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What to wear to jury duty?

Discussion in 'Classic Menswear' started by Mutant Hairs, Jun 20, 2006.

  1. Mute

    Mute Senior member

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    If you don't want to be selected for jury duty I suggest you wear an NRA cap and a T-shirt that says, "Kill 'em all. Let God sort them out."
     
  2. odoreater

    odoreater Senior member

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    Btw, I posted my KKK picture as a joke, but I actually think that people shouldn't try to get out of jury duty. It's a civic duty and one of the central tenants of our democratic system of government and our judicial system and people should not shirk that duty. I doubt that you're so important and busy that you can't spare one day to go down to the courthouse and present for jury duty.
     
  3. Catchcall

    Catchcall Member

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    This is funny since everytime I've gone to Jury Duty I've never been chosen. Everytime I always dress carefully in jacket and tie but nothing which is all good with me [​IMG]
     
  4. dirk diggler

    dirk diggler Senior member

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    bring a baby pacifier on a chain attached to your lapel. bring a baby bottle and use it. Talk often about Mommy. you will be dismissed.
     
  5. YoungFogey

    YoungFogey Senior member

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    Btw, I posted my KKK picture as a joke, but I actually think that people shouldn't try to get out of jury duty. It's a civic duty and one of the central tenants of our democratic system of government and our judicial system and people should not shirk that duty. I doubt that you're so important and busy that you can't spare one day to go down to the courthouse and present for jury duty.

    I think I hear some bars of America in the background....
     
  6. YoungFogey

    YoungFogey Senior member

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    It's unfortunate that you had that experience. Having been on both sides of the jury box, I can sympathize with your reaction, though. It's an issue of which the bar and bench are not ignorant, and in many jurisdictions concerted efforts are being made to improve the experience of jurors. The press of caseloads and limited resources obviously are impediments, but from what I 've seen progress is real, if incremental.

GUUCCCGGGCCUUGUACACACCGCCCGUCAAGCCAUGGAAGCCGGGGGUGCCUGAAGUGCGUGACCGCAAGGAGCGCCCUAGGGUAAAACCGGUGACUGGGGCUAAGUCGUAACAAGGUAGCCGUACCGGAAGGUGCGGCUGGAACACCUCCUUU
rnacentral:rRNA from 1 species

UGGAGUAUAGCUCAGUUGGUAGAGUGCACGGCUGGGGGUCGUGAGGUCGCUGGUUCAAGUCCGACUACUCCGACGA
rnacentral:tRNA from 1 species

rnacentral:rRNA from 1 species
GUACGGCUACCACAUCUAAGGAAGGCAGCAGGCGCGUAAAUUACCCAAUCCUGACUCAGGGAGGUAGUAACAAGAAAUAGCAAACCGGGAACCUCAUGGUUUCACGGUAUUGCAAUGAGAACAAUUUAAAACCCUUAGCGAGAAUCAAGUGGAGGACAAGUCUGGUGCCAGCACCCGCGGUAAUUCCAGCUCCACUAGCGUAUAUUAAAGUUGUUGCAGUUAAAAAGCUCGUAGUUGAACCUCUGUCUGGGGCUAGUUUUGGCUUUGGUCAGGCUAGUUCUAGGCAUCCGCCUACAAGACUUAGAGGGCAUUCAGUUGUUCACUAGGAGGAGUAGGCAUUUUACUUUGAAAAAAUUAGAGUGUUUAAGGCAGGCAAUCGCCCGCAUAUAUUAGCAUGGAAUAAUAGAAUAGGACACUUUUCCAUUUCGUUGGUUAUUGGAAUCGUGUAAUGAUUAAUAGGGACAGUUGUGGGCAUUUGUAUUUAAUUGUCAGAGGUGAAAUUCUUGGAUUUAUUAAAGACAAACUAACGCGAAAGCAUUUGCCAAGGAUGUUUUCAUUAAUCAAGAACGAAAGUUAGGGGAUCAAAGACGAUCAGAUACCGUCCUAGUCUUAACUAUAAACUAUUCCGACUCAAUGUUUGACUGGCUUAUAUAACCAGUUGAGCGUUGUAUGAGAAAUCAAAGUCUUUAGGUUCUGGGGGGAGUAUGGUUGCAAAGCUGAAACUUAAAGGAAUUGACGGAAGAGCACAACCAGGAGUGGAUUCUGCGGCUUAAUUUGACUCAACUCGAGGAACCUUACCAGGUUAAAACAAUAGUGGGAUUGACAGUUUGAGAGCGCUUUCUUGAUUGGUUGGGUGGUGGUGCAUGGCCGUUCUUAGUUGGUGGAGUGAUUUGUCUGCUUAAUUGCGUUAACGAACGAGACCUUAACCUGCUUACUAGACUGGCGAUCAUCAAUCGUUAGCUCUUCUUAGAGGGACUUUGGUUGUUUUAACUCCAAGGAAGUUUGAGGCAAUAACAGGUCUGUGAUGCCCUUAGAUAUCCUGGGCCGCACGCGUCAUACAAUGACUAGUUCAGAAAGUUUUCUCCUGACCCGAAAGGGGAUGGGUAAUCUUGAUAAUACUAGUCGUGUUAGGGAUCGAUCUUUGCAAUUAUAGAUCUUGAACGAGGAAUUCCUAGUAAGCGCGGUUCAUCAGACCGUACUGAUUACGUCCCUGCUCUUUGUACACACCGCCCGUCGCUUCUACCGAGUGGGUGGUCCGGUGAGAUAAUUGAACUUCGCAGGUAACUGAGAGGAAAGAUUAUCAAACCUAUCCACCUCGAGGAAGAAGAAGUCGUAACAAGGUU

I shall readily state that in the three times I have been called in NY County over the last 15 years, the improvement from the first, in terms of organization, not wasting my time and telling me what's going on, has been beyond belief. Alas, the facilities were still nowhere up to par -- but that was before Wi-Fi was installed I guess.

    I recently received the juror questionnaire, so I expect I'll have a chance to survey any other improvements soon.
     
  7. Ruprecht

    Ruprecht Member

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    Re. appropriate court room attire - you should watch the movie "Withnail and I" for inspiration.
     
  8. YoungFogey

    YoungFogey Senior member

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    I just got jury notice for the end of July down at 500 Pearl.

    Now as a young attorney who may well end up appearing before many of the judges down there, my inclination is to go in a suit. Maybe if it's hot enough, I'll break out the seersucker.


    I wouldn't stress about the judges having the slightest recollection of who you are. If you wish to look at jury duty in your capacity as a lawyer, then I would dress to reflect your privileged position within that system.
     
  9. marc237

    marc237 Senior member

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    I shall readily state that in the three times I have been called in NY County over the last 15 years, the improvement from the first, in terms of organization, not wasting my time and telling me what's going on, has been beyond belief. Alas, the facilities were still nowhere up to par -- but that was before Wi-Fi was installed I guess.